Dark Hollow: An Appalachian Woyzeck

Dark Hollow: An Appalachian Woyzeck
Photograph: Louis Chan
On the dimly lit stage of Theatre 80, a band of folk musicians dives into traditional gospel song “John the Revelator” while a hellfire-and-brimstone baptism takes place. This is just one of several memorable scenes in Elizabeth Chaney's powerful, haunting adaptation of Georg Büchner's 19th-century expressionist drama Woyzeck. Eternal salvation, economic exploitation and social disadvantage are still the main themes in Chaney's version, which is set in an impoverished mountain community during the Great Depression. Woyzeck (Kevin Kash) is a well-meaning but deeply tormented soldier plagued by apocalyptic visions; verbally abused by his superiors (a sergeant and the army doctor), he breaks under the strain and brutally murders his unfaithful girlfriend, Mary (Danyel Fulton). The Appalachian twist on this dark social commentary is best expressed through the use of American roots music scattered throughout the drama, including spiritual-style songs and traditional folk ditties like “Rye Whiskey” (performed by the cast with a delightful lack of polish). Rowdy soldiers, ragamuffin townswomen and plenty of onstage boozing provide comedy that balances the harrowing weight of the story. (Visit our Fringe Festival page for more reviews, and fringenyc.org for more information.)—Sarah Hucal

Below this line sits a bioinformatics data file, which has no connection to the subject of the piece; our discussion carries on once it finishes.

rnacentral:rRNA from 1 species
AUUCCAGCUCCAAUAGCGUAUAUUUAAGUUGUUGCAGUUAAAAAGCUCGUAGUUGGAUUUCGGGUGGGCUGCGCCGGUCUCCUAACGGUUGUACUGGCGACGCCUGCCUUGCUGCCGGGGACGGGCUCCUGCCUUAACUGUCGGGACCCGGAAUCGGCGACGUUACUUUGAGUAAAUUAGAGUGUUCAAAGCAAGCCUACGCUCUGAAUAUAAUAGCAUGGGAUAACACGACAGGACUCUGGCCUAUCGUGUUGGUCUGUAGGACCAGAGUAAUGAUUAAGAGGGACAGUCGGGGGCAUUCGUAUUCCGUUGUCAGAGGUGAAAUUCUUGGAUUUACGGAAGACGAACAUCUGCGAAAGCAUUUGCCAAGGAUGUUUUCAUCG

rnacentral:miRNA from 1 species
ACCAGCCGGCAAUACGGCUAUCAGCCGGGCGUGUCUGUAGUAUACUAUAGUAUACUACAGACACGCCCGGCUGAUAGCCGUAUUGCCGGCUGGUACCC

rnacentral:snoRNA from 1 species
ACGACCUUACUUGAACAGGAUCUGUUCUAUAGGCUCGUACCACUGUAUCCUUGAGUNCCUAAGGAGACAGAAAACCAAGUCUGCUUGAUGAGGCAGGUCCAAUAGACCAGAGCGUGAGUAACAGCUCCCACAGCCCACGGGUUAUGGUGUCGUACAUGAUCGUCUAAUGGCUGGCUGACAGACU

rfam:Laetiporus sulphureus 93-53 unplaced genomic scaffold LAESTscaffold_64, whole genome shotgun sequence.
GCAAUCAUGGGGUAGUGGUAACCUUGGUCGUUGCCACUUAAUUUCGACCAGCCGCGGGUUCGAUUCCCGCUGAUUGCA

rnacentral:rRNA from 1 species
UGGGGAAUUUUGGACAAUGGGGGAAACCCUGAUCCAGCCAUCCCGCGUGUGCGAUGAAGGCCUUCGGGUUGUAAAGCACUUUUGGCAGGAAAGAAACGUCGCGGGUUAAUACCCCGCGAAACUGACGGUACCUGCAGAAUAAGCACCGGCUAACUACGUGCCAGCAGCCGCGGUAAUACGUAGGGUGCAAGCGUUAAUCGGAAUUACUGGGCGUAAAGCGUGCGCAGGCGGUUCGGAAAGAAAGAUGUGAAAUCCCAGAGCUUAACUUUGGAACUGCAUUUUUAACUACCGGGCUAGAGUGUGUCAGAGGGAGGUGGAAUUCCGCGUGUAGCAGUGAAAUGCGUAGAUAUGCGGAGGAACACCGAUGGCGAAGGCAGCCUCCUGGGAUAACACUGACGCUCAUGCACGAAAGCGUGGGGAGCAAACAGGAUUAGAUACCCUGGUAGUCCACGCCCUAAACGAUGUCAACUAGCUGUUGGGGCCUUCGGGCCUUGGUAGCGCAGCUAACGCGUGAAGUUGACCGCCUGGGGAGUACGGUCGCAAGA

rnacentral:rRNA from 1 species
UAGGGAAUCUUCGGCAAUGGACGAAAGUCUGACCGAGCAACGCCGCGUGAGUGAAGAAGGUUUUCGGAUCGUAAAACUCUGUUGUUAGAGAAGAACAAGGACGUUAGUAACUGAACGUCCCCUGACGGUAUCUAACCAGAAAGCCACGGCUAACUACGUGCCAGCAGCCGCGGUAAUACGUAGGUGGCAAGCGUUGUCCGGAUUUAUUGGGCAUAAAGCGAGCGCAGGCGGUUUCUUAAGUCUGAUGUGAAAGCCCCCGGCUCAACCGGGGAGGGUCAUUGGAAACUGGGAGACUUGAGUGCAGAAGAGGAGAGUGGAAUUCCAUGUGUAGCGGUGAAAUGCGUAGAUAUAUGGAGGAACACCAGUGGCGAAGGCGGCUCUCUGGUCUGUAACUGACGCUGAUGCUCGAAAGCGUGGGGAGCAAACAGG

Event phone: 212-388-0388
Event website: http://theatre80.net
1 person listening